November 2, 2014
Daylight Savings: Turning Back Time
I know that The 2014 Nobel Prize in Physics was awarded jointly to Isamu Akasaki, Hiroshi Amano and Shuji Nakamura for the invention of efficient blue light-emitting diodes (LEDs), which has enabled bright and energy saving white light sources, but I just turned a new leaf to put down all LEDs and computer screens after a certain hour.
For years I have been using my iPhone as an alarm clock. Every night I would set it within a few minutes of 7:00 a.m.. On Mondays, I might "sleep in" a little and set it for 7:04. But whatever I set it to, I always managed to check a little email before going to sleep. Even though I promised myself, "No email. Just set the darn clock."
"Maybe just one email," I'd say to myself. And before I knew it, I had gone through 10 of them and was once again jazzed up from not only the bright light of the screen but the content of the emails and the mostly call-to-actions they communicated, e.g., "Let's meet tomorrow at 9:30 to discuss," or "Can you take photos at the event?" or "When will the Table of Contents be finished?"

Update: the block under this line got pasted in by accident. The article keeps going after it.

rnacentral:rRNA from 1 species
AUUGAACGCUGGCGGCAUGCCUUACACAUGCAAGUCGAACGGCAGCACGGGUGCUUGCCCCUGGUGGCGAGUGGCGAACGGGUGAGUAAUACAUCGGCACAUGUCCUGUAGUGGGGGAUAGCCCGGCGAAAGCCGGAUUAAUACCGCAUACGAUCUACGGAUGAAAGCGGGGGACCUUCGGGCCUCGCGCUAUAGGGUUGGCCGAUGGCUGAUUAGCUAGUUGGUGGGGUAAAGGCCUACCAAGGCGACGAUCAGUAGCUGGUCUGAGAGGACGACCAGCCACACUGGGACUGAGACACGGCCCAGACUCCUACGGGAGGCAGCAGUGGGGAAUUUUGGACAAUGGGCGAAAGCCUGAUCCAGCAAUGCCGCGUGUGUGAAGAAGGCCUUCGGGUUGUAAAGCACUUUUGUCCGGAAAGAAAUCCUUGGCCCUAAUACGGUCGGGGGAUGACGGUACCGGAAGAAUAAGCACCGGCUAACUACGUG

All very relaxing messages. NOT.
So I took a step to turn back time. I bought myself a 1931 Big Ben alarm clock. It has no bright back light and makes no swishing sounds. It emits a gentle low volume ring that is reminiscent of waking up in 4th grade to go to school. Rather than keep me nervewrackingly awake like my iPhone screen does, the Big Ben lulls me to sleep. It's a silent sweep to Dreamland without all the tones, beeps, and cu-ca-racha.
Today, you, too, fall back in time with or without Big Ben. Remember to turn back your clocks one hour. It's Daylight Savings Time. Good luck to the NYC Marathon runners! (I heard they can trim off an hour of their running time because the race takes place on Daylight Savings Day.)